Skip to content

EDITORIAL: Engagement in Remembrance Day still possible

Remembrance is a noun - an action word - and it is about more than appreciating our current state of living because others made sacrifices for us
cochrane-editorial

This Remembrance Day consider making your own modern-day sacrifice to listen to the stories of Legion members and veterans, who gave so much more than their time so that we can enjoy our current freedoms.

The Royal Canadian Legion Cochrane Branch #15 will be celebrating Remembrance Day at the cenotaph park and live streaming the ceremony to their Facebook page on Nov. 11 at 11 a.m.

The public is not able to gather in large groups due to COVID-19, but there are still ways to make Remembrance Day special this year.

While it may seem like the opportunities to remember those that served are fewer or less meaningful because of the pandemic, that is not the case. If you need to be present and engage all your senses to remember, visit the cenotaph before or after the ceremony to avoid the crowd and take some time to reflect on the names memorialized in stone.

It is all too easy to look at a name and detach ones self without thinking about the life behind it, but Remembrance is a noun - an action word - and it is about more than appreciating our current state of living because others made sacrifices for us.

If the walls of the Legion could talk, they alone would tell stories of dedication, bravery and selflessness – with pictures of men and women from decades gone. Fortunately,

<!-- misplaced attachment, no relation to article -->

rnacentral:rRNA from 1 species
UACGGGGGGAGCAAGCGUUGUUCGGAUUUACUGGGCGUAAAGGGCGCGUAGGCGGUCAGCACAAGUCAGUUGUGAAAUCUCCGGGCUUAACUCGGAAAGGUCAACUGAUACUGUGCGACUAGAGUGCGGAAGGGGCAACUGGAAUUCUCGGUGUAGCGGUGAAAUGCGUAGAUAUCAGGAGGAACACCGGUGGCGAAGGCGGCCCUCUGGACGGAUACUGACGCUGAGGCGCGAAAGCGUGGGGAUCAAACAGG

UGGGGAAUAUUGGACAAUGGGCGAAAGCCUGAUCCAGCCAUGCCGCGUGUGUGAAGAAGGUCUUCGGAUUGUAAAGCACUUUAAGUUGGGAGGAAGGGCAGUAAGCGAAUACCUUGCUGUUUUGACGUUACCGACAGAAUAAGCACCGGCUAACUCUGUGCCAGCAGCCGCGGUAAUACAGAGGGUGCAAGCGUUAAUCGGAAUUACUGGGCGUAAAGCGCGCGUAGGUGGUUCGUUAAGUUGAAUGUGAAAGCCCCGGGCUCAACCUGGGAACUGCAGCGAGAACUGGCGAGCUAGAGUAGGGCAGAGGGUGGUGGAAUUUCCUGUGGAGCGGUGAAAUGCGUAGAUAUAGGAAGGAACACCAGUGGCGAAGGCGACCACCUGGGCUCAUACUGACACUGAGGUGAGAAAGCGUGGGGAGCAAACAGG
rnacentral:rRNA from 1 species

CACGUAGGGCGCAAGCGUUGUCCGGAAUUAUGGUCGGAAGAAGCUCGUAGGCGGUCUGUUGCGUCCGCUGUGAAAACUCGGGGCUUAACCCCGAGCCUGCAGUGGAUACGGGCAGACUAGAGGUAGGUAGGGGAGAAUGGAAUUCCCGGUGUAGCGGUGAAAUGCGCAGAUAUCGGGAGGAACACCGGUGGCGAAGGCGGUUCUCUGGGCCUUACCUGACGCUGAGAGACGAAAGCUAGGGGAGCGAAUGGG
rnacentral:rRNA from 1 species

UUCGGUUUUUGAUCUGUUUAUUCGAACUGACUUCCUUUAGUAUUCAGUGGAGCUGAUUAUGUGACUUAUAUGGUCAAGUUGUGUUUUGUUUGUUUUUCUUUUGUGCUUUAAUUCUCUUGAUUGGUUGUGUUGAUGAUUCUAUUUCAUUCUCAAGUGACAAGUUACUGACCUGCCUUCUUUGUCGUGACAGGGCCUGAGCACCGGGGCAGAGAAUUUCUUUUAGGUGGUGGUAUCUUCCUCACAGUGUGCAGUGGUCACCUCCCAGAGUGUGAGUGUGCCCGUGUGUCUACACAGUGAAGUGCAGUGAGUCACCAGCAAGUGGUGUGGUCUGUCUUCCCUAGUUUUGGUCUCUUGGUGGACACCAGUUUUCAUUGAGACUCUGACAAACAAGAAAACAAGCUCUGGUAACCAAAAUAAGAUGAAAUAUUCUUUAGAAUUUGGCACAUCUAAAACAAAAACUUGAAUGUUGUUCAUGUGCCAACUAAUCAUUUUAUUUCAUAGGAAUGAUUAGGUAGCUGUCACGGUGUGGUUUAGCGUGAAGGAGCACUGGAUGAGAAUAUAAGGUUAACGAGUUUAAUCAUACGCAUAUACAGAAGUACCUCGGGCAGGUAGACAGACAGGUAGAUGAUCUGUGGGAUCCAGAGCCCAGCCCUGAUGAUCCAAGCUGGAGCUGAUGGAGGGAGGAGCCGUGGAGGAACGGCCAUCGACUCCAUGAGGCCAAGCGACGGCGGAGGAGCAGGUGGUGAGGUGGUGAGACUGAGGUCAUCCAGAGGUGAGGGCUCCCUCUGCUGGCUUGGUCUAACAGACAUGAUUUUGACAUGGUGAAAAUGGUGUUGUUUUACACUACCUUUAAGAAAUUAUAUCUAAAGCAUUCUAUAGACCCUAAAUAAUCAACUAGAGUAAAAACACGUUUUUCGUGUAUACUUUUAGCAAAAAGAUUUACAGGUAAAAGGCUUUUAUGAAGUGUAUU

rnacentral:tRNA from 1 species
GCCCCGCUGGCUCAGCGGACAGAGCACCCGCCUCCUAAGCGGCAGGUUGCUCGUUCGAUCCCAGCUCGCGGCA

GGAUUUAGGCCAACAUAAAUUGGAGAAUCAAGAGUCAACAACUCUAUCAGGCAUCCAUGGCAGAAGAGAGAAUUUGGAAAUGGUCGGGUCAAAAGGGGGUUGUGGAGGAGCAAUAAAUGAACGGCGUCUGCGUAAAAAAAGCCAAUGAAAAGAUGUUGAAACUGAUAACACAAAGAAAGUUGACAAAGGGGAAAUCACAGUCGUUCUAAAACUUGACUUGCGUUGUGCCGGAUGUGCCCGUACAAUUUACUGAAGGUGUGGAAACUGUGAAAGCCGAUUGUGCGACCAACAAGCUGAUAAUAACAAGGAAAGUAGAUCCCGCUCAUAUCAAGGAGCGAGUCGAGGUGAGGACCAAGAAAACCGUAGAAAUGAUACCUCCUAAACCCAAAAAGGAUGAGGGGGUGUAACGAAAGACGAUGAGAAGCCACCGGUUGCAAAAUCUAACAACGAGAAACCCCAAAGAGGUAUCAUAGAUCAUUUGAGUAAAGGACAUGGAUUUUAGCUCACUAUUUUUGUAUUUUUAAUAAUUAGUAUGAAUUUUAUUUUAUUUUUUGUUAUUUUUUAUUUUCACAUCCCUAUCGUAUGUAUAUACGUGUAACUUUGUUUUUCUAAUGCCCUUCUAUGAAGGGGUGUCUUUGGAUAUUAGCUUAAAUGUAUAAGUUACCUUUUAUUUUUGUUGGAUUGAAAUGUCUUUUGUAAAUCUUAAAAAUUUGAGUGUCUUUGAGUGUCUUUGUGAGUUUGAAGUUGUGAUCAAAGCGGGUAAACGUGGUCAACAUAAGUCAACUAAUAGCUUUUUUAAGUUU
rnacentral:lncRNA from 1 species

Legion members are often happy to share stories of their past, many of which have also been immortalized online and can be easily found and shared.

As Canadians, Legion president and District 5 Commander Karen Bruens reminds us that we have been fortunate to never have had war on home soil.

Cochranites can support their veterans anytime, not just on or during the lead-up to Remembrance Day. Consider visiting the Legion for a bite to eat and to chat with a veteran or try your hand at bingo.

Supporting the poppy campaign serves as double support, providing much needed support for veterans programs and as an outward symbol of your support for the sacrifice they made. This year consider purchasing the $10 100-year anniversary poppy from the local Legion. It is another way to start conversations about the history of this country’s veterans.

Whatever you decide to sacrifice this Remembrance Day, know that it pales in comparison to what many men and women had to give up.